Stefeni Thomas doesn't spell her name Stephanie "because my father wanted me to be different."

So far, Stefeni has upheld her father's expectations, especially with her excellent performance on Wilson High School's girls basketball team.

Thomas, a 5-foot-10 junior forward, averages 17 points, 12 rebounds and four assists per game for the Tigers, who were 7-1 overall and 5-0 in the Interhigh heading into yesterday's game against H.D. Woodson, the nation's top-ranked girls team.

But aside from her impressive statistics, what also makes Thomas different is the unusual past of her father, who did something that many people idolize for its authenticity.

Willis Thomas played with the Harlem Globetrotters.

"Oh, that's been so long ago I've almost forgotten," said Thomas, who joined the team after leaving Tennessee State, which had produced many of the original Globetrotters, including Tommy Gibson, Boyd Bowie, Josh Grider and Clarence Wilson.

In 1954, Thomas began playing with possibly the most renowned Trotter, Meadowlark Lemon. Thomas played with the Globetrotters until 1963.

"The first three or four years you couldn't beat it," said Thomas, who is now the acting athletic director at the University of the District of Columbia. "But, I told myself if I ever got married, I'd quit the road. One summer, I got married and never went back."

Since then, he has had three children, including Stefeni and her brother Willis Jr., both of whom have continued their father's athletic legacy. Willis Jr. played on a high school state champion basketball team in Kentucky. Stefeni is rolling along at Wilson and, although her father takes a low-keyed approach to his Globetrotters past, she likes to keep tabs on his glory days.

"Not many have done that," she said. "I'm happy about it. I keep all the books he was in with the Globetrotters. All the pictures are of him going to the basket. Back then, it was more basketball. Now it's more of a show."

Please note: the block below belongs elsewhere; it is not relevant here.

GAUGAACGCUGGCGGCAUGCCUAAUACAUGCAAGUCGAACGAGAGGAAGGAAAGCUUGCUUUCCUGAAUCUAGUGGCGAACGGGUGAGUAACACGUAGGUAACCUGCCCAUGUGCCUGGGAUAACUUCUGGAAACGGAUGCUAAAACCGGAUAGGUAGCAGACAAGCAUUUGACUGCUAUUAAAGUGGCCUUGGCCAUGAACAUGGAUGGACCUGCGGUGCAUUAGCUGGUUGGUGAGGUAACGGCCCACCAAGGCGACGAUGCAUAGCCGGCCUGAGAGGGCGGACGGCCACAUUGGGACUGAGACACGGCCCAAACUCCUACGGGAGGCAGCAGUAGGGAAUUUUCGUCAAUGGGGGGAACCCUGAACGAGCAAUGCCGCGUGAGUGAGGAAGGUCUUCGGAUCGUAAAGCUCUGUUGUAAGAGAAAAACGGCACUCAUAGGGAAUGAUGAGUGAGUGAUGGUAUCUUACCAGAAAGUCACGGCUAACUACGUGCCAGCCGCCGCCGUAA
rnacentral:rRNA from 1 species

Stefeni can judge the Globetrotters' showmanship because she goes with her father to see them whenever they come to town. It's almost impossible not enjoy the Harlem Globetrotters, but every year watching can be a little different for Stefeni's father since "most of them he knows real well are now gone." Among his former teammates no longer with the Globetrotters are players such as Curly Neal and Gator Rivers.

"I'm through with that. It's historic," said Willis Thomas.

When the opportunities come, Stefeni often plays against her father. However, with her Interhigh schedule sometimes calling for three games a week, her time is now somewhat limited. "I have so many games, I have to use the weekends to read," she said. "But when the pace slows down, we'll get back to the gym."

And when they get back to the gym, Willis Thomas will continue to show his daughter "those fundamental things that might give her an advantage."

"He plays against me a lot," she said. "Once he blocked my shot and I was surprised. He teaches me a lot of little stuff you might be able to get by with at your advantage."

She said she'll probably decide on a college by the middle of next year. "I think she'll be ready next year," her father said. "Right now, she's just having fun and working on her academics. Next year, it'll be a little more work. This year, she's having a ball. And I have plenty of fun when I watch."